“He’s an old-school kind of star,” said Brad Ellis, Morrison’s musical director and also the piano player on “Glee.” “My phrase for it is ‘the man at the microphone.’ ”

Morrison recently chatted with us by phone from New York hours before flying to Los Angeles to begin shooting “Glee’s” final season.

Question: How has “Glee” impacted your life?
Morrison
: There are positives and negatives to everything. I’m looking out the window of my New York City apartment right now, and I wouldn’t have these kind of luxuries in my life without this kind of show. What it’s done for my career has been just incredible. As an actor, the only power you have is the power to say no. Unfortunately, in a lot of actors’ careers you can’t afford to say no because you want to soak up every opportunity you can possibly get. The luxury to pick and choose what you want to do is something I feel so lucky to have.

There’s a negative side to it, too. My fiancée and I are getting married next year and people are just trying to get inside our lives, find out what our wedding date is, and really just get into our business. I’m a human being like anyone else, so it’s just kind of frustrating when I can’t have that anonymity that I used to have.

Q: Elton John is your friend and collaborator, and President Obama is a fan of yours. That has to be a little surreal.
Morrison: Growing up, Elton John’s music was always playing in my house because my parents loved him. So now that I’m friends with him and his partner, watching his kids grow up and stuff, it is kind of surreal to me. But at the same time I know him on a personal level, so he’s not “Elton John” to me anymore. He’s just Elton.

President Obama is something different. He’s someone who’s kind of untouchable still. As much as I would like to say I’m friends with him, you can never have a real, honest conversation with him because there are people with guns around. That’s a different scenario. Maybe one day I’ll have a good conversation with him when he’s out of the White House.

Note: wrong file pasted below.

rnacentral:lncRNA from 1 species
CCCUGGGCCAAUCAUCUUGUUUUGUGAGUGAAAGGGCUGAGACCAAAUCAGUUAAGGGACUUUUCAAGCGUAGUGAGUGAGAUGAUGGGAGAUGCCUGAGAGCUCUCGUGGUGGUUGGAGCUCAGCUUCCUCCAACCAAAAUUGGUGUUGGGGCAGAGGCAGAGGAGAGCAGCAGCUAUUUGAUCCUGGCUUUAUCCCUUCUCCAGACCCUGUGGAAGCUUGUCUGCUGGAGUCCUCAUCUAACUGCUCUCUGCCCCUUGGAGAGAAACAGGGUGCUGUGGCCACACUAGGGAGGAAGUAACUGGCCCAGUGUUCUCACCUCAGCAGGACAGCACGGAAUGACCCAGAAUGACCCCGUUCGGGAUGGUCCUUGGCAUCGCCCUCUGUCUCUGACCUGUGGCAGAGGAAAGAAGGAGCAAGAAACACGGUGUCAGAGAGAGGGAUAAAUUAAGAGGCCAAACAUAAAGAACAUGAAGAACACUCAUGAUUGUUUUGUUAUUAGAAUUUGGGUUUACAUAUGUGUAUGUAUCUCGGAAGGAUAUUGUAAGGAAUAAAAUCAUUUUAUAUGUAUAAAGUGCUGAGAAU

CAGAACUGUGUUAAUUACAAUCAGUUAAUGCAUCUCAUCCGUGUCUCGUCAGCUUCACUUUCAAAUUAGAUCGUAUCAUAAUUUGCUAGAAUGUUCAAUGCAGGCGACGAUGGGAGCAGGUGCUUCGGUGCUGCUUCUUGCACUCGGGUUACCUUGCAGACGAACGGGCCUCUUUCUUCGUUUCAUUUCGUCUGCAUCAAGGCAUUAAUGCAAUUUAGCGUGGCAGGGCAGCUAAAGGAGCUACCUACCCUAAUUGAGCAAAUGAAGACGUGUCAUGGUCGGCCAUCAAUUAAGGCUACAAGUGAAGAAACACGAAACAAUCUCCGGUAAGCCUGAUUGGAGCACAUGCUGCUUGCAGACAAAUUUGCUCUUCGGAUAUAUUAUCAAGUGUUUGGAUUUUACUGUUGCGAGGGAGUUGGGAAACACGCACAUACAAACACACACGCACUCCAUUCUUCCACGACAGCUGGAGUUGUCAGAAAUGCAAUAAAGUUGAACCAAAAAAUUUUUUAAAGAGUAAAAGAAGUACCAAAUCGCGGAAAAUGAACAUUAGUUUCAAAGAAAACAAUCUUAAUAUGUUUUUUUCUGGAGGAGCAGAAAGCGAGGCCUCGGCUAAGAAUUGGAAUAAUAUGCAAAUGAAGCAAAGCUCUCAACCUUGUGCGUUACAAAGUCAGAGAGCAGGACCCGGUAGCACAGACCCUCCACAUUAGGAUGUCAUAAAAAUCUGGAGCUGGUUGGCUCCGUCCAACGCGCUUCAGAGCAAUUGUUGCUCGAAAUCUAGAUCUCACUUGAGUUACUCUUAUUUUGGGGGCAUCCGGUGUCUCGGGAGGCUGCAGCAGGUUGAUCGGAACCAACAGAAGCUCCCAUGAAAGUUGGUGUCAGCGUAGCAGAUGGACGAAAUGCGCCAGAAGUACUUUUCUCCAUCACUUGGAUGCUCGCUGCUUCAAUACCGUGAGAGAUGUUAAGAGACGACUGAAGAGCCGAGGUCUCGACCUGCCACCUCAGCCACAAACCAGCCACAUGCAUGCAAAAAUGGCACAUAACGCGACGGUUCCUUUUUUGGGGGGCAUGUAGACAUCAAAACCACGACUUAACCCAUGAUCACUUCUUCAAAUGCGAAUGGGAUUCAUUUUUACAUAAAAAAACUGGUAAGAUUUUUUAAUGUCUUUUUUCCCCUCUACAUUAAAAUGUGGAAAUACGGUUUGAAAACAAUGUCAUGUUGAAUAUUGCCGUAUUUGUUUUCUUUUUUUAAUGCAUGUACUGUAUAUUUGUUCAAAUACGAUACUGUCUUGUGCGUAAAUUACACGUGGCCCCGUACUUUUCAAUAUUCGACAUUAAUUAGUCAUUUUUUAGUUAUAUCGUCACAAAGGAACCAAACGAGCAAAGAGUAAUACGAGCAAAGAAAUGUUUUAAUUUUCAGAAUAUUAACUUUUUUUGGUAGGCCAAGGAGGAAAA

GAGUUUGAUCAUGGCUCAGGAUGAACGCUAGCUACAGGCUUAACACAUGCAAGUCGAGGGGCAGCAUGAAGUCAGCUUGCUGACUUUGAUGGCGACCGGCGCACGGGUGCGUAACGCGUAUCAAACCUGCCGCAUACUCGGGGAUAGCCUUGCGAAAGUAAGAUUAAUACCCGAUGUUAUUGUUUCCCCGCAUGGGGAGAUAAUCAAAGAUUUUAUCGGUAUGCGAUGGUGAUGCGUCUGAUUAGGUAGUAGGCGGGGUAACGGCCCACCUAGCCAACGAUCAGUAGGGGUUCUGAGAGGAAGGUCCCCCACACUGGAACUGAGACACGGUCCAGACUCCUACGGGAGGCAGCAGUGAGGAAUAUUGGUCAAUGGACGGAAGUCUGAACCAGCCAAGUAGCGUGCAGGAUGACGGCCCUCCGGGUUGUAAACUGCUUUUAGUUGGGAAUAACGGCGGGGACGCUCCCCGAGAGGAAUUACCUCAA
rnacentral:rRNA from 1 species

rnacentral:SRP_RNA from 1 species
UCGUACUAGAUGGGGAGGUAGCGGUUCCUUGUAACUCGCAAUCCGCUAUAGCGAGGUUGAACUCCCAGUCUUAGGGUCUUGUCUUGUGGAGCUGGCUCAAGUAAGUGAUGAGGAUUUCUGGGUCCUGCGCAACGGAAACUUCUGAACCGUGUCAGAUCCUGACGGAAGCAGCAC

Q: What’s your goal with your stage show?
Morrison: I feel like the classic song-and-dance man is gone, the days of Gene Kelly and Fred Astaire. Those people have influenced my life like no one else, so I’m trying to bring that back a little bit. My stage show is very that – timeless American classic songs, mixed with a dance aspect, a very smooth, throwback band. I tell stories of my time before “Glee,” coming up the ranks in the Broadway community, landing “Glee,” and what my journey is going to be afterward. Which I don’t know, but I make up some stuff.

Q: So how are you feeling about the end of “Glee”?
Morrison: It’s bittersweet, but I come from a world where I’m used to doing a part for a year at a time, then you leave and do another role. This is going to be interesting because I’ve been doing this role for six years now, almost seven years, so I’m ready to leave it behind. I’m looking forward to the future. I’m going to be doing some more film and television, but at the end of the day, I can’t wait to get back onstage … get back to New York and back on Broadway.

Q: You’re a young guy to ask about legacy, but I’ll ask: Is Broadway where you want to leave your mark?
Morrison: I like the multifaceted aspect of my career: doing concerts, straight acting gigs, and then doing musical theater shows. The diversity has been fun. But absolutely, my heart is onstage. That’s why I started doing concerts, to fill that void of not being onstage while doing this television show. I’m looking forward to getting back. I just can’t wait.

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Glee star to kick off BPO Pops series

A pop culture celebrity from television and Broadway will open the Buffalo Philharmonic Orchestra pops concert series this Saturday at Klenihans Music Hall.  Singer, actor and dancer Matthew Morrison — one of the star’s of “Glee” — will make his debut with the BPO.  WBFO’S Eileen Buckley had a chance to speak with Morrison ahead of this weekend’s Buffalo appearance.

Listen here! 

Broadway.com Lessons of the Week: Matthew and Adam Jacobs were… in a cult?!?

Broadway.com is bringing you a recap of all the weird stuff that happened this week. From Sarah Jessica Parker’s house-sized closet to the food obsessions of our favorite Broadway stars, it’s all right here in the Lessons of the Week.

Matt Morrison & Adam Jacobs Are in a Cult
Before going the clean-cut route in Aladdin and Glee, these Broadway bros were apparently involved in some dark stuff. In college at NYU, the stars belonged to a creepy sounding group called “The Tribe,” which Jacobs joked was “a secret cult.” Hey, you guys need some more members? We’ll drink that Kool-Aid any day of the week.

Source: Broadway.com

Matthew Morrison talks ‘Glee’, music and Salk